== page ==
It’s hard to over-emphasise how important protein is. Protein is found in every cell of the human body, even our DNA is made up of protein. Protein is involved in all processes in the body, from energy production, to supporting the transportation of substances (vitamins, minerals, oxygen), speeding up chemical reactions, building hormones and neurotransmitters (which affect our mood and emotions) and allowing our hormones and immune system to work effectively. It’s also essential for building and repairing cells and tissue, including the skin, hair, muscle and bone.
Can I get enough protein on a vegan diet?
One of the biggest concerns when moving towards a plant-based diet is protein. The good news is that it’s not something to worry about and not being able to get enough protein on a plant-based diet is a myth. Numerous studies show vegans consistently meet, if not surpass, the recommended daily allowance of protein, consuming 60–82g a day on average.
How much protein do you need?
The NHS recommends 50g of protein per day and the most widely used reference point is 0.75 or 0.8 multiplied by each kilogram of body weight, so for someone who weighs 60kg that’s 45–48g of protein each day. If you are an athlete or you have any medical issues, your requirements for protein may go up.
For a healthy person on a varied diet, filling a quarter of your plate with protein-rich plant foods will easily cover your protein requirements. If you’re aware of what foods to go for, it is not difficult to meet your daily protein needs.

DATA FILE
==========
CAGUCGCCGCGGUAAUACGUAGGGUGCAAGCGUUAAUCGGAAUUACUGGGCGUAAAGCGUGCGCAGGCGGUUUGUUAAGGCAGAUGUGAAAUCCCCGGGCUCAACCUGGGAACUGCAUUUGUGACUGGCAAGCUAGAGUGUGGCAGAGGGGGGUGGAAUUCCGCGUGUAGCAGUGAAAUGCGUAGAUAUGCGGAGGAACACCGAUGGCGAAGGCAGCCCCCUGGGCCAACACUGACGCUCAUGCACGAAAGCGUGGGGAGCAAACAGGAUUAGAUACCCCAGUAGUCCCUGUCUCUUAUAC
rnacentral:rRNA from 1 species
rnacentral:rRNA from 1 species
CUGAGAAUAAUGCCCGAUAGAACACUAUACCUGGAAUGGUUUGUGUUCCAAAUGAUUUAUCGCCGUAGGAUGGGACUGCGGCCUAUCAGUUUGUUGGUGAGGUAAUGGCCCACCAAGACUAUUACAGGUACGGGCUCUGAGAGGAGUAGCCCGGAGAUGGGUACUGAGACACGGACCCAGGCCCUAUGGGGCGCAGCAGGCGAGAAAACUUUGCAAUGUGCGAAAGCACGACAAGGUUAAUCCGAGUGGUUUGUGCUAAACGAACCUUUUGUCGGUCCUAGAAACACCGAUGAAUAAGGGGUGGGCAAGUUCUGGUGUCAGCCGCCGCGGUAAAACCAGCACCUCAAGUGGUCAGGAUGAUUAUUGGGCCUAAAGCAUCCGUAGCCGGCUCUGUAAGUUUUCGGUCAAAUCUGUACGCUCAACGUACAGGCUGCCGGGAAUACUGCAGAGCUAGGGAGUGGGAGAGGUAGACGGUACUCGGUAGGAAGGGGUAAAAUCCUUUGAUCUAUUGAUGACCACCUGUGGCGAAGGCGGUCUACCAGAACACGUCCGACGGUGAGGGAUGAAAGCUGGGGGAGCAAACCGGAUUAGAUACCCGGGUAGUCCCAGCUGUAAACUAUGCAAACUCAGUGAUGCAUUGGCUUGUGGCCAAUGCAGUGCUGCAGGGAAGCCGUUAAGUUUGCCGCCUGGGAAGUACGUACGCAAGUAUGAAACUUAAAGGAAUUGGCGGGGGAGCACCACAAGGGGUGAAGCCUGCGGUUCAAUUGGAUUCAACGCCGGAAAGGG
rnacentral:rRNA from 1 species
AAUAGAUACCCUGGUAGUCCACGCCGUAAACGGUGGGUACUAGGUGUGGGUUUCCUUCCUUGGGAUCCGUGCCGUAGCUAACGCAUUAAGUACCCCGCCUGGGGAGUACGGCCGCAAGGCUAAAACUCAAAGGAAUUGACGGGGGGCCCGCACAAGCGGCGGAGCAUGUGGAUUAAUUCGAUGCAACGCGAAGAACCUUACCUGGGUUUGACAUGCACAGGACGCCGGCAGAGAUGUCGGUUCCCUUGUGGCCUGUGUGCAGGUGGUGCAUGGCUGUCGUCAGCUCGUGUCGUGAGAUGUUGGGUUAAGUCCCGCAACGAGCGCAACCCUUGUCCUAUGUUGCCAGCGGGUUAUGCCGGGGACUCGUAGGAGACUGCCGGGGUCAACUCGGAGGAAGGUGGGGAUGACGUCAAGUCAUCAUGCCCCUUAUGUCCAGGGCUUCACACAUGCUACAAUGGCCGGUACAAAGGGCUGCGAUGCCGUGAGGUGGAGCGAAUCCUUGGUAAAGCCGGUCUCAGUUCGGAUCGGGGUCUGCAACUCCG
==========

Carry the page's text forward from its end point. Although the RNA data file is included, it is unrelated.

What’s the difference between plant and animal protein?
Protein is made up of 20 different amino acids, or ‘building blocks’, which can be reconfigured to create thousands of different cells and molecules to form our tissues and organs, while also supporting a vast array of physiological reactions that allow us to repair and heal, create energy, fuel our immune system synthesise our hormones and neurotransmitters (which control our mood, emotions, concentration and beyond). Our bodies can’t make nine of these amino acids themselves, so we need to make sure we get enough daily through the diet to supply all of these critical functions and allow the body to regenerate.
Animal proteins are labelled ‘complete proteins’ as they contain all nine of the essential amino acids. Plant proteins contain these essential amino acids, but most of the time, one or more of them exists in sub-optimal quantities. Therefore, combining different protein sources together and ensuring you have a balanced, varied diet is important as when two sources are eaten together, the protein usually becomes complete. This isn’t something to worry about each meal, but across the day.
How do you make a complete protein?
If you’re eating a mix of beans, whole grains, nuts, seeds and soy products in your diet you’ll have no problem getting all the amino acids you need and you’ll likely be combining them already without even thinking about it, e.g. peanut butter on wholegrain toast, lentil Bolognese with brown rice or a whole wheat wrap with hummus and veggies.
Here are some examples:
Nuts or seeds with whole grains, e.g., almond/peanut butter on wholegrain toast
Nuts or seeds with beans, e.g., toasted sunflower seeds with a chickpea salad
Beans and whole grains, e.g., beans and brown rice or hummus and rye crackers
Great plant-based sources of protein are: tofu, tempeh, edamame, peas, quinoa, all nuts/seeds/nut butters/tahini (including chia seeds, hemp seeds etc.), beans and legumes.